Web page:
Thursday, May 28, 2015

PECHANGA FIRED Whistleblower and LOSES as Appeals Court REVERSES Lower Court Ruling on Sovereignty

The Pechanga Band of Luiseno Indians LOSE in appeals court.  They unlawfully fired an employee for blowing the LID off corruption.

The Pechanga Gaming Commission, whose members are:   Stella Fuller, John R. Magee, Jason P. Maldonado, William R. Ramos, and Robert B. Vargas tried to say SOVEREIGNTY protected their firing of a whistleblower.   The lower court ruled that sovereignty applied.    NO, I GUESS NOT!  In a 3-0 decision, the Appeals Court REVERSES!


Shortly after he began working at the casino, Cosentino observed ongoing criminal activity on the casino floor. Based on his observations, Cosentino became a confidential informant for the California Department of Justice and the information he provided lead to several criminal convictions. 

Defendants later sought to learn what information Cosentino provided the Department of Justice, but he followed the Department’s instructions and declined to divulge the information. When Cosentino balked, Defendants revoked his gaming license and the casino terminated his employment because he could not work at the casino without a valid license

We reverse. For sovereign immunity to bar claims against tribal officials, the claims must be based on actions the officials took in their official capacity and within the scope of their official authority. An official’s actions that exceed the scope of his or her authority are not protected. 

Although the parties do not dispute that as members of the tribe’s gaming commission Defendants had the authority to revoke a gaming license if they received reliable information the licensee no longer satisfied the requirements for 3 obtaining a license or had engaged in conduct that reflected poorly upon the tribe or its gaming activities, the record lacks evidence showing Defendants received any such information about Cosentino or explaining why they revoked his gaming license. Cosentino, however, presented evidence supporting his claim Defendants exceeded the scope of their authority by revoking his license without cause in retaliation against him. 

Sovereign immunity prevents us from inquiring into the reliability of information Defendants may have relied upon in revoking Cosentino’s license or any other errors they may have made, but it does not prevent inquiry into whether Defendants exceeded their authority by using their official position to intentionally harm Cosentino.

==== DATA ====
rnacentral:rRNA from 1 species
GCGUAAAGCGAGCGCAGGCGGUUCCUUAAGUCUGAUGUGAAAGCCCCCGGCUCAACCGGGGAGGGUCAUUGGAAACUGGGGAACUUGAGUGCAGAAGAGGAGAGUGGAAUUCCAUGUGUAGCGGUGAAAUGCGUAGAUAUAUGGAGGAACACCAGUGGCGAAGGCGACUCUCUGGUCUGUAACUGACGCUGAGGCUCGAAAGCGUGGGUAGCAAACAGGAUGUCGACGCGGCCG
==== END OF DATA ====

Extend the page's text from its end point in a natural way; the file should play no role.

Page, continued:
The Trial Court Erroneously Concluded Defendants Are Immune From Liability for Cosentino’s Claims Cosentino contends the trial court erred in applying sovereign immunity to dismiss his claims because Defendants exceeded the scope of their authority as members of the Gaming Commission by revoking his gaming license without cause and in retaliation for serving as a confidential Department of Justice informant. We agree. 


Defendants suspended his gaming license without notifying him after he failed to appear for a meeting with Defendants because his supervisor did not inform him of the meeting and did not provide another dealer to cover 15 Cosentino’s gaming table until well after the scheduled meeting. When Cosentino later met with Defendants to discuss his activities as an informant, they served him with a letter belatedly informing him the meeting was convened to determine whether they should revoke his license. Defendants nonetheless did not ask Cosentino about his license, but instead questioned him extensively about the information he had shared with the Department of Justice. When Cosentino declined to answer some of their questions based on the Department’s instructions not to divulge the information, Defendants revoked Cosentino’s gaming license without identifying any reason for doing so

SMACKDOWN:  In the face of this evidence, Defendants presented no evidence to rebut or deny Cosentino’s claim they revoked his license in retaliation and without cause. Similarly, Defendants presented no evidence showing they received any information about Cosentino’s qualification to hold a gaming license or why they suspended and revoked his license. Defendants also failed to present any authority showing they had the power to revoke Cosentino’s license without cause

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